The journalists around me never showed any fear, so how could I? We just kept doing our job of informing our community to the best of our ability. The winds started subsiding later in the morning, but I fearfully held back eager photojournalist Nick Galindo in our newsroom, even as our journalists in the field, reporters Kathryn Cargo, Jon Wilcox and Jessica Priest and photojournalists Ana Ramirez and Olivia Vanni, went out on their own with first responders between 7 and 8 a.m.
Inside our newspaper - which had morphed into various campsites of sleeping bags, cats, dogs and even a bunny - we posted updates to our website as fast as we could. With only laptops, we weren't sure we could do more than that. Only 12 hours later, as if by magic, the darkness lifted; AEP had restored our power. Suddenly, we knew we could produce another e-edition with our desktop computers available to us again. We worked feverishly on it until about 1:30 the next morning. With no hope of printing or delivering our newspaper, we were free to work on the edition until we dropped.
We kept going Sunday until we dropped again, finishing the next e-edition about 1:30 a.m. again. Copy desk chief J.R. Ortega, his baseball cap snugly on backwards, never faltered and somehow led a small contingent in watching the 80-minute season finale of "Game of Thrones" after we finished putting the paper to bed. I had watched the entire series to that point, but I collapsed back onto my air mattress without any energy left to care what terror the Night King might bring.
For many days after Harvey, we reported and edited at a sprinter's pace. As power started being restored around Victoria and the Crossroads, we realized we had to adjust to become long-distance runners. This story wasn't going away any time soon. Many in our community had suffered far more than us. One lineman, who had come from Tennessee to help restore power, had died.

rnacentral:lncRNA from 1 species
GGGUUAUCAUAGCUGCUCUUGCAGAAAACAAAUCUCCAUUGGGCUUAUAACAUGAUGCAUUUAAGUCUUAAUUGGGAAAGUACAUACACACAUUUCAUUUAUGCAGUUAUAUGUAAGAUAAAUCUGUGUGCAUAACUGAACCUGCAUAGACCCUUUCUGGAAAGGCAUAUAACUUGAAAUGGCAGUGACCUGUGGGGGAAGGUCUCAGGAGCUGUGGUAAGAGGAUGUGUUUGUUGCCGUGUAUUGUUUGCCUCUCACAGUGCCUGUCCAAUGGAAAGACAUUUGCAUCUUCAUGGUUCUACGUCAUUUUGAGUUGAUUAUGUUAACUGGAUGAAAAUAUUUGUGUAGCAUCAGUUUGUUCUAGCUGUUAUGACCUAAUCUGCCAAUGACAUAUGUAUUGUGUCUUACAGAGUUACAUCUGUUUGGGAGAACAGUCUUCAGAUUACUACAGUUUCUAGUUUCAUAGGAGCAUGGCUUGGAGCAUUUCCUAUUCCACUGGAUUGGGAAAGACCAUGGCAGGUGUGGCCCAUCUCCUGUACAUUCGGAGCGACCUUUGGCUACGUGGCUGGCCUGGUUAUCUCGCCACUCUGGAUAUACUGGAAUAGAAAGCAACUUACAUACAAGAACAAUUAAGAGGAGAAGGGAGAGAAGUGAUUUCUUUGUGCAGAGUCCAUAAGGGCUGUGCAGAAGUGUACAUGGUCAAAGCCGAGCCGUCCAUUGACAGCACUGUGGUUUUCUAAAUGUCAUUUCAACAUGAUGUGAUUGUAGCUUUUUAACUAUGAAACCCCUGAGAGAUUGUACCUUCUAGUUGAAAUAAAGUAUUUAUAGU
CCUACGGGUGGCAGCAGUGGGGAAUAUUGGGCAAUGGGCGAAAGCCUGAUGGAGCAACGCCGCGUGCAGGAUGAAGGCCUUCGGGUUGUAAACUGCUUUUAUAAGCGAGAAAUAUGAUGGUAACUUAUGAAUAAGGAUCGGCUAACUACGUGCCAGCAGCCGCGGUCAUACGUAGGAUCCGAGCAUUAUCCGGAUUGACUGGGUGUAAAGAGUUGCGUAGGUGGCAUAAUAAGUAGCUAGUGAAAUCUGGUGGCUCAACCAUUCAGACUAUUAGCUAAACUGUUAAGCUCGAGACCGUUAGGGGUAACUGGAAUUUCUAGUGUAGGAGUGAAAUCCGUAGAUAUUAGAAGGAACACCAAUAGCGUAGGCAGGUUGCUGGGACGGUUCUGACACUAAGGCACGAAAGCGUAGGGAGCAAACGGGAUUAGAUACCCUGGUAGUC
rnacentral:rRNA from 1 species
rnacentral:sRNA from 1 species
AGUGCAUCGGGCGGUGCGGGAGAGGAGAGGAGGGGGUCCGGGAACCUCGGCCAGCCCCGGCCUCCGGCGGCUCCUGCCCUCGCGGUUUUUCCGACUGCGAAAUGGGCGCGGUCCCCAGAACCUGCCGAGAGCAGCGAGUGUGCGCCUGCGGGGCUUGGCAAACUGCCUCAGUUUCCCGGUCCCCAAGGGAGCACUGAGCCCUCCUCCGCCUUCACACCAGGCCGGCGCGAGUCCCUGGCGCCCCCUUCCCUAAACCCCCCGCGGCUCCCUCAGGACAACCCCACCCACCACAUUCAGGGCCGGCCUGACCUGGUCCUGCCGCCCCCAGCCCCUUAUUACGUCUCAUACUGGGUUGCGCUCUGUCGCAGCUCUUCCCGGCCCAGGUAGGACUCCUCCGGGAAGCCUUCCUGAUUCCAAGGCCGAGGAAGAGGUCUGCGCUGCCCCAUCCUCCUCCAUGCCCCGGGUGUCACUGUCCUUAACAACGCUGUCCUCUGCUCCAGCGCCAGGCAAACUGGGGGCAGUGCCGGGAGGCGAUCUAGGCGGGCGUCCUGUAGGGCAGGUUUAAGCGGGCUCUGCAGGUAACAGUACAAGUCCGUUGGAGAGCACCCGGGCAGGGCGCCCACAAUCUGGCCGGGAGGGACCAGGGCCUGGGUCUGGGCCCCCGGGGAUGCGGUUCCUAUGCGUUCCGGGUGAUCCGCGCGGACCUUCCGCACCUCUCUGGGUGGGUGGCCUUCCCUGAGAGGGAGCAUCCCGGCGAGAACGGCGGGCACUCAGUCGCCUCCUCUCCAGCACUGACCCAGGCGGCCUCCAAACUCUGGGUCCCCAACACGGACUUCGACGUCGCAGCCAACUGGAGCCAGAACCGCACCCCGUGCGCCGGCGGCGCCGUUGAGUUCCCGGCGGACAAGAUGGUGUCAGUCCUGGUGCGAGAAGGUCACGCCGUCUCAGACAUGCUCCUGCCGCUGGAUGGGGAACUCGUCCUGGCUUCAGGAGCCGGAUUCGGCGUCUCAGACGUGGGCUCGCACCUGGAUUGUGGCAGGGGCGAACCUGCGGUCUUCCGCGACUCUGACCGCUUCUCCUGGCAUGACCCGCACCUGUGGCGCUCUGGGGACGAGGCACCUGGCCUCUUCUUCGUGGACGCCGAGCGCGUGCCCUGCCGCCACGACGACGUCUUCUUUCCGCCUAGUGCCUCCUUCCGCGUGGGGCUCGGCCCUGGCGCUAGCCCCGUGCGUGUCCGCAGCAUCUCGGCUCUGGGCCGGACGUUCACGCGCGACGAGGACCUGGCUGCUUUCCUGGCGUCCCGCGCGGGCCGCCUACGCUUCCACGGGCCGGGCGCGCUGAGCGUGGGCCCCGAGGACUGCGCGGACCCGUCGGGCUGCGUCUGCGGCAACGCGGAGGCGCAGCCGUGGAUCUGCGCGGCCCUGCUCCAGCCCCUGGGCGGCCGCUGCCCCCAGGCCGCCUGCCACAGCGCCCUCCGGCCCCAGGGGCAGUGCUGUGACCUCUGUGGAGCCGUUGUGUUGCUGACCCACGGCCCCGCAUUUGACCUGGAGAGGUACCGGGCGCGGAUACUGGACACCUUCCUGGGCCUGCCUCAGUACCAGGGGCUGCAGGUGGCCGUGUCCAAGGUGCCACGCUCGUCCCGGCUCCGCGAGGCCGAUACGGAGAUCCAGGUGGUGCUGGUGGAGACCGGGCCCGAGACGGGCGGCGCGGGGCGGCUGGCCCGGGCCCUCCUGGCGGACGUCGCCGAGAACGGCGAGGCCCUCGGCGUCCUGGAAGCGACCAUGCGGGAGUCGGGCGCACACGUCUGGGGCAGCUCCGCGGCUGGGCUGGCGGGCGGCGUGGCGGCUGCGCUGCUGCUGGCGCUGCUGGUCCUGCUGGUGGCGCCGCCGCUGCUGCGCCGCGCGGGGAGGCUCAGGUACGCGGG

Inexplicably, his was the only death caused by Harvey in the Crossroads. More than 70 died elsewhere, primarily in Houston. We told stories of people huddled in their homes as Harvey ripped off roofs, walls and windows. My office window, so thin I can hear conversations on the sidewalk below, was untouched, even though it couldn't be boarded up safely because of a nearby overhead power line. A stained-glass cross given to me by faith reporter Jennifer Preyss still hangs, unbroken, on the window.
I thought of all this and more as I walked around the homes of downtown Victoria, trying to recover from the emotional wallop delivered by the card from Newtown. I couldn't imagine a pain worse than losing all those children to a madman. Humbled, I thought of the Bee journalists and all the others before me who had suffered far more in pursuit of the truth.
Slowly, I started to breathe again. Eventually, I found myself inside The Box, an ATM turned beautifully into a coffee bar. Even though we still had to boil the water at that point, owner John Valdivia had reopened the tiny sanctuary. As I waited for my iced hazelnut latte, I felt a whack on my back. I turned to find a smiling woman, who said simply, "Mosquito."
We laughed, and I thanked her for hitting me. Her jolt turned my last tears into laughter.
Chris Cobler is editor of the Victoria Advocate. He may be emailed at email@example.com.